Balancing Synchronous and Asynchronous Content in Your Course
When teaching in person, often coursework can be categorized as either a part of the “class” or “homework.” Whether you are transitioning to teaching remotely, or designing a fully online course from the beginning, a good starting point is to rethink how these distinctions change.
For example, even though you may have around 3 hours of “lecture” per week, you likely don’t use that entire time to lecture, but may break it up into different activities.
How was your week structured?
In an online reaching format, you may not want to spend 3 hours a week on Zoom, and possibly this may prompt a rethinking of how you use your “live” or synchronous learning time.
What needs to happen synchronously?
You may find that you want to only choose a few activities to happen synchronously, and allow students to complete other tasks asynchronously, and let students know ahead of time the sequence they should complete asynchronous activities.
Of course, this is just one example of a way to structure your course. Here are some ideas for how to transition a learning activity from synchronous to asynchronous.
Asynchronous DiscussionForums in NYU Classes/Brightspace
Forums allow for students to have extended asynchronous, or non-live, discussions across your course. Here are some best practices for designing discussion forum posts for your class:
- Students should respond to a specific prompt that asks them to apply knowledge. General prompts asking students if they “have any questions” or to simply “reflect on a topic” usually do not result in substantive responses.
- Let students know how you will interact with the forum.
- Respond to forum posts during live class sessions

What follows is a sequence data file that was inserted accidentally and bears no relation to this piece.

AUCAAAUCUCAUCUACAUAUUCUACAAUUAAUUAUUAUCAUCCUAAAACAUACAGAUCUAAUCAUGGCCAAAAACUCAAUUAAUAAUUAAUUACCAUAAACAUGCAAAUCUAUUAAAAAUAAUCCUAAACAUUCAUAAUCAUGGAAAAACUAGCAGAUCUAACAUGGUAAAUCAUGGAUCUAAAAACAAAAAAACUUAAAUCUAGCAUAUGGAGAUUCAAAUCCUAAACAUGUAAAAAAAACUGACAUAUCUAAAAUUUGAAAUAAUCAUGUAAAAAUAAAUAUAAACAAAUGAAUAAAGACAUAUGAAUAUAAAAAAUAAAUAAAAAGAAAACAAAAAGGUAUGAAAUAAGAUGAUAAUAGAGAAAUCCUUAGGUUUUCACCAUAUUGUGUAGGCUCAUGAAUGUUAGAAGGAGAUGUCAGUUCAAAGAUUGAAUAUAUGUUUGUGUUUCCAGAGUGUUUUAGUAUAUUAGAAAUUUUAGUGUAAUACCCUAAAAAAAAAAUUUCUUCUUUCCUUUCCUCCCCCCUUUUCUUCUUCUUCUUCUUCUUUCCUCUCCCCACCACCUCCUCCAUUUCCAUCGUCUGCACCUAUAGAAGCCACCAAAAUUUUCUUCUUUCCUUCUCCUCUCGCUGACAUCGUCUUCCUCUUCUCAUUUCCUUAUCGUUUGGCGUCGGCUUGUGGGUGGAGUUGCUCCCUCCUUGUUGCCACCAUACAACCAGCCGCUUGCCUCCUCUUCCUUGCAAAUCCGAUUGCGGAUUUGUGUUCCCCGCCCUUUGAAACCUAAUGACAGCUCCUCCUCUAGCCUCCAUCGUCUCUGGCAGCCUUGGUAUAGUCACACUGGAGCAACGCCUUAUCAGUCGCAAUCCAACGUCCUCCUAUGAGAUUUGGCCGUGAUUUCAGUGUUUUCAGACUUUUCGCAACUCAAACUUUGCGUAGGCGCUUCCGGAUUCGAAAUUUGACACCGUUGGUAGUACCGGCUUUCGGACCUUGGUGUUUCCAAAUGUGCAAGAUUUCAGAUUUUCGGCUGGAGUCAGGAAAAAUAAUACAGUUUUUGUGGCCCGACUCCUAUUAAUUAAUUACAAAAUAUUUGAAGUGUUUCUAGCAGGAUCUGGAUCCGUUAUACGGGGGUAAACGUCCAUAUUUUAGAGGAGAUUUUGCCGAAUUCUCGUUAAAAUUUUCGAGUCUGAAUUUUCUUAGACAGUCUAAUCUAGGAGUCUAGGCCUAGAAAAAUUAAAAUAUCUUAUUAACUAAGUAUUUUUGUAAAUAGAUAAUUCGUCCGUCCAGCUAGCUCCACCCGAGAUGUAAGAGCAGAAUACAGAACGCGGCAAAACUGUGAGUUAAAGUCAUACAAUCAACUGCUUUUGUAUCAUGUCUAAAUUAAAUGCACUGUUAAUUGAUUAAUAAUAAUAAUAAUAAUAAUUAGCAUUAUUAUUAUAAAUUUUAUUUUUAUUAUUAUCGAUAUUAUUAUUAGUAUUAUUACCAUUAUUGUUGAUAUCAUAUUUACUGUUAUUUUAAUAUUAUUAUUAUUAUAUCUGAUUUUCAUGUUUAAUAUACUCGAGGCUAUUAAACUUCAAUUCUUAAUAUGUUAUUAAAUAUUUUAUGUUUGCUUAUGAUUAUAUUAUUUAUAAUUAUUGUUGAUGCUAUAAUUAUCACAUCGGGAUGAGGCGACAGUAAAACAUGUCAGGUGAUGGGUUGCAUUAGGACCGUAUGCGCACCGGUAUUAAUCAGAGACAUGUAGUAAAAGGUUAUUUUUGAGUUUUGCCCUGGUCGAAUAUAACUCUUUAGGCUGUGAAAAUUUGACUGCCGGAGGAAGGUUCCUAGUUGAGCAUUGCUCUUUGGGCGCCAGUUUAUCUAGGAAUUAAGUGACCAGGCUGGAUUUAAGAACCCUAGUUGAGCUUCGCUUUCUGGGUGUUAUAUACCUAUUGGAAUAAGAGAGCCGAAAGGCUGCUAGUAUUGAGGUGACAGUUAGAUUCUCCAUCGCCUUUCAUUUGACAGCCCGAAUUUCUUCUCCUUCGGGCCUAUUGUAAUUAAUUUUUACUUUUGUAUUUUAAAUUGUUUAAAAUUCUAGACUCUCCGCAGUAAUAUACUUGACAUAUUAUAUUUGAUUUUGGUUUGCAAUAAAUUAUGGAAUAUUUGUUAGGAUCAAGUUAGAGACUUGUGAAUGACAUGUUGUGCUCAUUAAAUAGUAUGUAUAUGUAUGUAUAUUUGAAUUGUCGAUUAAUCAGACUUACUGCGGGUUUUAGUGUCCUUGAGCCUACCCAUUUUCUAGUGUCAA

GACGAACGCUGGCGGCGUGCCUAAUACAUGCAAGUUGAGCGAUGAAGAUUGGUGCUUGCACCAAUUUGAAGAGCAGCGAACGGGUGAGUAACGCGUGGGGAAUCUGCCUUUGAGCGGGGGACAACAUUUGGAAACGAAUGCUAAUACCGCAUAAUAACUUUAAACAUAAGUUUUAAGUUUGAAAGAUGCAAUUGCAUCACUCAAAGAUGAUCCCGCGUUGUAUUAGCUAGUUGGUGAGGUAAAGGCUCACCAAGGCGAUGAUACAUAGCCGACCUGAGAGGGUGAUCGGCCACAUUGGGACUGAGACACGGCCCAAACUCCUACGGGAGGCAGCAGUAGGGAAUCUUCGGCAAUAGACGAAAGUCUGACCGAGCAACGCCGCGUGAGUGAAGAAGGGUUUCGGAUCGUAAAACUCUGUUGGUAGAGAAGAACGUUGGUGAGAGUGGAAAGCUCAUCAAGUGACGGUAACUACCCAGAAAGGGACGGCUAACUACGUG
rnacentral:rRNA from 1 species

- Respond in the forum yourself at regular intervals
- Students are required to provide peer feedback before you or your TA will respond to any common questions.
- Tie in student responses to live class whenever possible. This lets students know that forums are a valued part of the class and not simply writing responses into the void where no one ever sees them.
Creating Video Content for Your Course
Adding video to your course creates opportunities for students to review course material on their own schedule and can help to prioritize synchronous “in-class” time for more discussion-based activities.
A few video rules of thumb:
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- Shorter is better
- If you find yourself trying to cover too many concepts in one video, or going longer than 10 minutes, you may want to stop split the video into two or more parts.
- Consider reusability
- If you are creating a “mini-lecture” that you want to use across classes, avoid referencing specific deadlines, assignments, or events related to a particular class.
- Try creating partially solved and fully worked example problems
- The mini-lecture is not the only video format! You can also demonstrate how an expert solves problems or partially solve a problem that students need to finish on their own.